Dr. Mabel Brodie
National Baby Week has been hold in the first week in July, under the auspices of the National Baby Week Council, since 1917, the year of its foundation. Baby Week activities culminate in the annual Conference; held this year in the Guildhall, where the results of the Imperial and National competitions held by the Council will be announced, and national attention directed to the aspects of maternity and child welfare services not yet perfect.
Dr. Mabel Brodie, who is to give this morning's talk, is Health Officer for the state of Kedah, Federal Malay States, now home on leave.
At THE ORGAN of TUSSAUD'S CINEMA
Directed by HARRY FRYER
From THE SHEPHERD'S BUSH PAVILION
KAYEDON'S ATTEMPT ON THE WATER
SPEEDRECORD: it is possible that a running commentary will be relayed from Loch Lomond today or on Saturday.
MARGOT MACGIBBON (Violin)
FREDERIC JACKSON (Pianoforte)
Directed by HENRY HALL
Directed by Guy DAINES
' Professor Wuncle visits the Man in the Moon.'
A Strange Adventure by RALPH DE ROHAN
WEATHER FORECAST, FIRST GENERAL, News
BULLETIN, and Bulletin for Farmers
, at 6.30
Bach and Mendelssohn Sonatas for Violoncello and Pianoforte played by MAY MUKLE and ANN MUKLE
THIS is the first of a series of readings from
' Pride and Prejudice,' to he given at 6.50 p.m. on Tuesdays and Thursdays from today until Septembei 8th, by Mr. Ronald Watkins. Admirers of Jane Austen 's demure masterpiece must forgive us mentioning, in introducing it to many new readers, that it contains some of Her richest comic creations, and her most delightful heroine. The humours of Mr. Bennet, Lady Catherine <Ie Burgh and Mr. Collins, the charm of Elizabeth and the pride of Mr. Darcy provide lively diversion for. summer evenings.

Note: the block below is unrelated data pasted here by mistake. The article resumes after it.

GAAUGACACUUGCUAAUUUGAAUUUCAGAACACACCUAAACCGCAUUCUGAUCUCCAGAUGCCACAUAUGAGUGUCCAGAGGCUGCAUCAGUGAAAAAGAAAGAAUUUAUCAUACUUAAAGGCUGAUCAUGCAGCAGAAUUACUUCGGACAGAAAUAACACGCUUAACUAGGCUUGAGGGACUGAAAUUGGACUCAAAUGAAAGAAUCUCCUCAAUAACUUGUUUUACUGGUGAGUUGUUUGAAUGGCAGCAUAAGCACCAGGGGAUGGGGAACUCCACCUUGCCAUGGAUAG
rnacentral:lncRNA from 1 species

' Pride and Prejudice ' was written in 1797, hut not published until 1813. But no rumblings from the Revolutionary Wars mar this serene tale of the storms in the tea-cups of English provincial society in the last days of the eighteenth century.
General Notices connected with Government and other Public Services
An Operetta in One Act
The Libretto written by R. H. U. BLOOR
The Music composed by Richard H. WALTHEW
THE music of this somewhat Gilbertian operetta was composed in 1900, and has since been frequently performed. It is, however, as a composer of chamber music that Richard Wal thew is best known, and nowhere is he better known and appreciated than amongst the audiences of the popular South Place Concerts at Finsbury. To the promotion and prosperity of these concerts Walthew has contributed a great deal. South Place is to chamber music what the ' Old Vic' is to opera, and the concerts given there, which already number considerably over a thousand, are of a very high level of performance. That, however, is not strange, since most of the artists invited to perform are in the first rank of performers, and are content to play to audiences as enthusiastic as any in the kingdom for a purely nominal fee. It is not so long ago that lovers of chamber music had but one Mecca, and that was at South Place in London. As a consequence, for thirty years and more Walthew and his colleagues have been and are still associated with a movement of inestimable value, a movement that broadcasting supplements and in no way displaces.
WEATHER FORECAST, SECOND GENERAL NEWS
BEN DAVIES (Tenor)
FANNY DAVIES (Pianoforte)
Conducted by the Reverend W. H. ELLIOTT
Relayed from ST. MICHAEL'S, CHESTER SQUARE
THE B.B.C. DANCE ORCHESTRA, directed by 1 HENRY HALL